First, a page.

The bigotry of being beautiful

James Innes Smith in The Spectator:

It’s National Inclusion Week when we all come together to ‘celebrate everyday inclusion in all its forms’. This year’s theme is ‘unity’ where ‘thousands of inclusioneers worldwide’ are being encouraged to ‘take action to be #UnitedForInclusion.’ In the bewildering world of identity politics, however, there is one group of excluded individuals you won’t be hearing much about. As a demographic, they suffer from all kinds of discrimination and yet social justice activists seem uninterested in their plight. Unlike oppressed minorities, this particular group may be in the majority and yet they garner little in the way of sympathy from anyone, barring their mums, perhaps.

As with race, gender and disability, physical attractiveness is an immutable characteristic born out of biological happenstance; unless we decide to go under the knife there is very little we can do about a wonky nose, droopy shoulders or a weak chin. A study has found that employers tend to assume that attractive people make better workers. The so-called Halo Effect implies that we subconsciously assume a person’s appearance is an accurate reflection of their overall character; we say they have ‘kind eyes’ or a ‘charming smile’ as though looks were a window into the soul. Is it any wonder then that those blessed with ‘good looks’ – even the term sounds supremacist – are viewed in a more favourable light?

According to evolutionary biologists, attractiveness may be linked to healthy genes, which is why we are so drawn to it. Anyone who has signed up to a dating site will know how brutally shallow the whole business of pairing off can be – looks are the first thing we notice and the main reason we flick either left or right. Imagine if we were as openly hostile towards people because of their skin colour.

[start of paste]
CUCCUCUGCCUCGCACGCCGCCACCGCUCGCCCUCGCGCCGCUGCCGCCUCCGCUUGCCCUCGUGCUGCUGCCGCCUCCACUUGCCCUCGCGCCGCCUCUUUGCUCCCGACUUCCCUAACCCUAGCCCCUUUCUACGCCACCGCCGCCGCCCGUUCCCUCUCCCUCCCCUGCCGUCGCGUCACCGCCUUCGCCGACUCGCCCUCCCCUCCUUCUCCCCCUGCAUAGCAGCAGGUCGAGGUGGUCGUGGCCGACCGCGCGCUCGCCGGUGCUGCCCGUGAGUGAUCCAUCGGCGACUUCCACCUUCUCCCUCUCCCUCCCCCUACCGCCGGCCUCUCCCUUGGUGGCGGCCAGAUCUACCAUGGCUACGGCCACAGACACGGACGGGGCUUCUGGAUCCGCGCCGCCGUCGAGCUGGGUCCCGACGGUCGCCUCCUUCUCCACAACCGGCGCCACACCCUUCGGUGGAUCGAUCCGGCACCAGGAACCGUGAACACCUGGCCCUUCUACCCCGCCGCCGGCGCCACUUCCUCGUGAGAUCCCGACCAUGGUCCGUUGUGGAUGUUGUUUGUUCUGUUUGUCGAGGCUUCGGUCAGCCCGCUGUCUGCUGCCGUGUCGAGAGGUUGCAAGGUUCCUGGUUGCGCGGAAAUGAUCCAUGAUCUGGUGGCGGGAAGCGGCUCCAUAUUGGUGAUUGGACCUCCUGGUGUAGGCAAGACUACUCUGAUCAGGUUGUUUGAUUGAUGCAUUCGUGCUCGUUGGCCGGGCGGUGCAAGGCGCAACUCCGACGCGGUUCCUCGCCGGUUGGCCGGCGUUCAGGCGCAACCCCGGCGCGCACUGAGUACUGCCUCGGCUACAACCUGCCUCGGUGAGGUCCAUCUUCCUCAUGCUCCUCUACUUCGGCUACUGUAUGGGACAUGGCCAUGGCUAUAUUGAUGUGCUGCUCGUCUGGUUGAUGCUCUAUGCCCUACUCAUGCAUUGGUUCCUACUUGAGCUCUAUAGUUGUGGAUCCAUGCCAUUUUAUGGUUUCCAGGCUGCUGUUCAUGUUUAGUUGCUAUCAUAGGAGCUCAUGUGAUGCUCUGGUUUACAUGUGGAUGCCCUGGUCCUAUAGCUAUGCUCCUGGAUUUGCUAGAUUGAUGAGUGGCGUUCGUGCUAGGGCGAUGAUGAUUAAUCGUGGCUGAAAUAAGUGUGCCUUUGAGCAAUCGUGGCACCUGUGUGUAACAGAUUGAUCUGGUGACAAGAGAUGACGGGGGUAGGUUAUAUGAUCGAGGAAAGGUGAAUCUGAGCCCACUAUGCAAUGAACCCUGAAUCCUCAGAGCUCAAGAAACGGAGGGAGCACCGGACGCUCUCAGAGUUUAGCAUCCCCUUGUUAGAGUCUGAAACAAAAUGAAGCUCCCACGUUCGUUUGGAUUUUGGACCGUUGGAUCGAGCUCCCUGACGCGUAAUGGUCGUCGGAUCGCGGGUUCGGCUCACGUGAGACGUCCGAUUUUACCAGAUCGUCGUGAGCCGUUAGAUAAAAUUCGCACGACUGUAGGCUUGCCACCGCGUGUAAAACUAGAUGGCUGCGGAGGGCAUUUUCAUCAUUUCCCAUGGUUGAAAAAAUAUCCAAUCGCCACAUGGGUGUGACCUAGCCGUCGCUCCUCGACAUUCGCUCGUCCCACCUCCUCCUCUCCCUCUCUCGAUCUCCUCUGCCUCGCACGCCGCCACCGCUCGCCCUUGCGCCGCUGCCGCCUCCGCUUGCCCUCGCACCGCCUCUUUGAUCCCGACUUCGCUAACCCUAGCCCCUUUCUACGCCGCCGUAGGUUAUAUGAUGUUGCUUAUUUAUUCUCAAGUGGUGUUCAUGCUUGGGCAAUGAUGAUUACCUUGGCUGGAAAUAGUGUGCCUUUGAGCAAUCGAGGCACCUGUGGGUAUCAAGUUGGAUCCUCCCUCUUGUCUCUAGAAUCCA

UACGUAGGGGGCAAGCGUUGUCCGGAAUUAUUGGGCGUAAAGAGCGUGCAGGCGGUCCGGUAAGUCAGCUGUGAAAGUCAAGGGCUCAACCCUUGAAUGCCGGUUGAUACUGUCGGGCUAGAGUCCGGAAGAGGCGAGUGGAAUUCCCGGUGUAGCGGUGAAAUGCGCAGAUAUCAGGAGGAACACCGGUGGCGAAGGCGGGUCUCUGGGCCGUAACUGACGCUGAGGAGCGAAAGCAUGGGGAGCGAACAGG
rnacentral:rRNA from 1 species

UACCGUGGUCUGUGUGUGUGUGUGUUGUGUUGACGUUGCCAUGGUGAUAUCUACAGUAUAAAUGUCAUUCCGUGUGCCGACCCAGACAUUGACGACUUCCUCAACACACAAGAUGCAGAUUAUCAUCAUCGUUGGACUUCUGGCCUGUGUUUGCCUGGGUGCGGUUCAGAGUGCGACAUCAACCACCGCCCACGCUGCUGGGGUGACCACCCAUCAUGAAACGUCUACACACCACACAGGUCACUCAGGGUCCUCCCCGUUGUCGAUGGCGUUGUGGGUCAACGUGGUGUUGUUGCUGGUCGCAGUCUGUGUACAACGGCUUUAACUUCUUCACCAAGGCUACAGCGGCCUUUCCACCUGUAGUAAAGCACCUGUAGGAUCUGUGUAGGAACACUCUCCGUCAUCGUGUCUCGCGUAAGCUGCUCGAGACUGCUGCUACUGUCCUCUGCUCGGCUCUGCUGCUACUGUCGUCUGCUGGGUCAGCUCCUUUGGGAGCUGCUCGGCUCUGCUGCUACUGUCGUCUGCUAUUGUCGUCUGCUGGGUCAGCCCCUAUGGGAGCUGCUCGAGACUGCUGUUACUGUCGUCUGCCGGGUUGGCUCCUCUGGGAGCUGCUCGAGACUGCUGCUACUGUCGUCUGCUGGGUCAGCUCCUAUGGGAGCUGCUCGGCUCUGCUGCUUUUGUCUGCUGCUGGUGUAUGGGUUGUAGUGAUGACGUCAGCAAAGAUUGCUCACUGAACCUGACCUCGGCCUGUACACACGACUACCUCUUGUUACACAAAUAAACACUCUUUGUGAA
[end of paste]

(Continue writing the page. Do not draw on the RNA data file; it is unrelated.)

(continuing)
Nor is beauty really in the eye of the beholder; our view of attractiveness tends to be exceedingly narrow, ensuring that only a few gain from the privilege. Linda Evangelista has learnt to her cost what happens when that privilege is taken away. The ex supermodel has spent the last five years living as a recluse after a cosmetic procedure left her face permanently disfigured and unrecognisable. No longer able to work and afraid to leave her house Evangelista claims the experience sent her ‘into a cycle of deep depression, profound sadness and the lowest depths of self-loathing.’ The model intends to sue the company responsible so that she can move ‘forward to rid myself of my shame.’ Losing her most prized asset has come at a heavy price.

More here.